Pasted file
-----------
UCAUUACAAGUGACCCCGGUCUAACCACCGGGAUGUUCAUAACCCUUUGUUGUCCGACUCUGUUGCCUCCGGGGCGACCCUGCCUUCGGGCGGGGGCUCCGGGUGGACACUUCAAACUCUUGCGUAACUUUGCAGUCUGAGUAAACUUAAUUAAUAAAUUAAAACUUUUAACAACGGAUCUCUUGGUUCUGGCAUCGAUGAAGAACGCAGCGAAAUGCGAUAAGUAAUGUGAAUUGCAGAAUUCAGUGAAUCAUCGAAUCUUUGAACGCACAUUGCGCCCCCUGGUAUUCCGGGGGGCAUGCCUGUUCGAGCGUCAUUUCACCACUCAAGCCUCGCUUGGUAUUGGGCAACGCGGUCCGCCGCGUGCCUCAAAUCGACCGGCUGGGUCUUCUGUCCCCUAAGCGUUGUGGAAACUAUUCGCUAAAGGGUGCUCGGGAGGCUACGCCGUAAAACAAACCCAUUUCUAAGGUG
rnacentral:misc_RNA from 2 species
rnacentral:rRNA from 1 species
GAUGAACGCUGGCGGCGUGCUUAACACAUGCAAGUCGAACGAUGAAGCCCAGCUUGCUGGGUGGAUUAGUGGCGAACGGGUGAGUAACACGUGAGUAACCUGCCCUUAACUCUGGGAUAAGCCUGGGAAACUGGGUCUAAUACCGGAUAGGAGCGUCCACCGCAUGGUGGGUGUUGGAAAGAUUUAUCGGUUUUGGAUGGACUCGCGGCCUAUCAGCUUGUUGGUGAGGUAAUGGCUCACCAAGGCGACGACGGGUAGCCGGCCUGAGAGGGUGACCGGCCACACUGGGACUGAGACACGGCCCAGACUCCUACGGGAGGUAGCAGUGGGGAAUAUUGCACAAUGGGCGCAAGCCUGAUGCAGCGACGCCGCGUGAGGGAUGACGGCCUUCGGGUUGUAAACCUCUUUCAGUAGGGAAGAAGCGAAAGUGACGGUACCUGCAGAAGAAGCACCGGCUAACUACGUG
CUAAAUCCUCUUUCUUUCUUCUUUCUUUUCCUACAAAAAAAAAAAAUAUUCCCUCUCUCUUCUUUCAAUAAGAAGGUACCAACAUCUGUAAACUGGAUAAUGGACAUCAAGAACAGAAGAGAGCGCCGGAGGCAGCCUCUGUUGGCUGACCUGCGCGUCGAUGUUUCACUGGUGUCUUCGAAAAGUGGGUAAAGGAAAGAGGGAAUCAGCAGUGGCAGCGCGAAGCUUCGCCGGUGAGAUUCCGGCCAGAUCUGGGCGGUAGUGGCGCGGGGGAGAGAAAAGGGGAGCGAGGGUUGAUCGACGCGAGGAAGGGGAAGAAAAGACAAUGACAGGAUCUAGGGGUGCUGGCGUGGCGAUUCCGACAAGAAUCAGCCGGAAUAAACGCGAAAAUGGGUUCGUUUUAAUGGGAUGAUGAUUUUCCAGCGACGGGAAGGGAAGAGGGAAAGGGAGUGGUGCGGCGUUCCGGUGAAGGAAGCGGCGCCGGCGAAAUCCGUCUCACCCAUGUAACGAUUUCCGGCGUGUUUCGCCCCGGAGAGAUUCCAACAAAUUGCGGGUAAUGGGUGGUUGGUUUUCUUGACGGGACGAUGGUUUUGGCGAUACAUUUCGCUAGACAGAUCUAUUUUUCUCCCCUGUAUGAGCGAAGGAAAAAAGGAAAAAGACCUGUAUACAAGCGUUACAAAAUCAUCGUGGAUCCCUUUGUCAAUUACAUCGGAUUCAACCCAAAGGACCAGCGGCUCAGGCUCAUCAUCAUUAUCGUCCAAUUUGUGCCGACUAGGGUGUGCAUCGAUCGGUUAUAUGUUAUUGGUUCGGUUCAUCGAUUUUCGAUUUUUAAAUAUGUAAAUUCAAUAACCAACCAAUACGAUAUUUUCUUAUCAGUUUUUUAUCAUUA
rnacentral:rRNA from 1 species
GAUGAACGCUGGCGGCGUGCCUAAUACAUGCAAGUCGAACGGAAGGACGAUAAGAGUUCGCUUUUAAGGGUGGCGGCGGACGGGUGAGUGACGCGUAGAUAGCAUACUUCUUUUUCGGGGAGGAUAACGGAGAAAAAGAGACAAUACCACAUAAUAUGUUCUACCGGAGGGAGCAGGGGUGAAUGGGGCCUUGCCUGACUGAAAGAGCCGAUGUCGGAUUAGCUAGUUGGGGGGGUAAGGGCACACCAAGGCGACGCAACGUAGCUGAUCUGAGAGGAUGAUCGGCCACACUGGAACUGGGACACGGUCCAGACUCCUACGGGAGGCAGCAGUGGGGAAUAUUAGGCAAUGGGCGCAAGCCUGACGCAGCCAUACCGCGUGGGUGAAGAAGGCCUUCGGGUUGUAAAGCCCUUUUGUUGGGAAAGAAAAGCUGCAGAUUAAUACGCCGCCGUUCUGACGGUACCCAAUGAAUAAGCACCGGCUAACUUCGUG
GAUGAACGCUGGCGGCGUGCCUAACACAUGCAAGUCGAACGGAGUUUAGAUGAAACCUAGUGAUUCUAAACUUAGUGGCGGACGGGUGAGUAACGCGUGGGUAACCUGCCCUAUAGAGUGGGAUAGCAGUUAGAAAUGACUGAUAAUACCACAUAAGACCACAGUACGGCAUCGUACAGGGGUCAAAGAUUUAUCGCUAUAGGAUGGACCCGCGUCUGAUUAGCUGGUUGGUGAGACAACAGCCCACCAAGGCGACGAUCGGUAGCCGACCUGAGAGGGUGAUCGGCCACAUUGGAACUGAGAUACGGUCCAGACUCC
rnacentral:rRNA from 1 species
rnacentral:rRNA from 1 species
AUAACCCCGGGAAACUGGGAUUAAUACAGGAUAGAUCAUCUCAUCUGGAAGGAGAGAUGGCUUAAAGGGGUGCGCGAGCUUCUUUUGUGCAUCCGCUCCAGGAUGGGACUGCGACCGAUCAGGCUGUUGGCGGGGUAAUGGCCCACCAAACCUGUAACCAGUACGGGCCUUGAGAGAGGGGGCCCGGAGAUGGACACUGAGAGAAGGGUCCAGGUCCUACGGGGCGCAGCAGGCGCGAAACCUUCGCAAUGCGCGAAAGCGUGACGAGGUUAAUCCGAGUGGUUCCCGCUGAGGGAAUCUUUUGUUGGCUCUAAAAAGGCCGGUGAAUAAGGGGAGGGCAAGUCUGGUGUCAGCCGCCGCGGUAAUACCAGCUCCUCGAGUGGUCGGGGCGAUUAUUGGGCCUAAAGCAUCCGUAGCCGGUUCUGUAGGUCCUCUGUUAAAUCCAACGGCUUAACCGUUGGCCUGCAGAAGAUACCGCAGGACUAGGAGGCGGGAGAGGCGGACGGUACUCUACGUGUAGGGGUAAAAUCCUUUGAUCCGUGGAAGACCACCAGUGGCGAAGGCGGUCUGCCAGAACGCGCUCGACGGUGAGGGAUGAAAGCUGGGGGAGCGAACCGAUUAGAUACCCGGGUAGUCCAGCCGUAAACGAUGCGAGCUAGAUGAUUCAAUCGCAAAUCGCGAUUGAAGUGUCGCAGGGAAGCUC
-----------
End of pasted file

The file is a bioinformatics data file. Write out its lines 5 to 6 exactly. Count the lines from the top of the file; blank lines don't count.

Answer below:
CUAAAUCCUCUUUCUUUCUUCUUUCUUUUCCUACAAAAAAAAAAAAUAUUCCCUCUCUCUUCUUUCAAUAAGAAGGUACCAACAUCUGUAAACUGGAUAAUGGACAUCAAGAACAGAAGAGAGCGCCGGAGGCAGCCUCUGUUGGCUGACCUGCGCGUCGAUGUUUCACUGGUGUCUUCGAAAAGUGGGUAAAGGAAAGAGGGAAUCAGCAGUGGCAGCGCGAAGCUUCGCCGGUGAGAUUCCGGCCAGAUCUGGGCGGUAGUGGCGCGGGGGAGAGAAAAGGGGAGCGAGGGUUGAUCGACGCGAGGAAGGGGAAGAAAAGACAAUGACAGGAUCUAGGGGUGCUGGCGUGGCGAUUCCGACAAGAAUCAGCCGGAAUAAACGCGAAAAUGGGUUCGUUUUAAUGGGAUGAUGAUUUUCCAGCGACGGGAAGGGAAGAGGGAAAGGGAGUGGUGCGGCGUUCCGGUGAAGGAAGCGGCGCCGGCGAAAUCCGUCUCACCCAUGUAACGAUUUCCGGCGUGUUUCGCCCCGGAGAGAUUCCAACAAAUUGCGGGUAAUGGGUGGUUGGUUUUCUUGACGGGACGAUGGUUUUGGCGAUACAUUUCGCUAGACAGAUCUAUUUUUCUCCCCUGUAUGAGCGAAGGAAAAAAGGAAAAAGACCUGUAUACAAGCGUUACAAAAUCAUCGUGGAUCCCUUUGUCAAUUACAUCGGAUUCAACCCAAAGGACCAGCGGCUCAGGCUCAUCAUCAUUAUCGUCCAAUUUGUGCCGACUAGGGUGUGCAUCGAUCGGUUAUAUGUUAUUGGUUCGGUUCAUCGAUUUUCGAUUUUUAAAUAUGUAAAUUCAAUAACCAACCAAUACGAUAUUUUCUUAUCAGUUUUUUAUCAUUA
rnacentral:rRNA from 1 species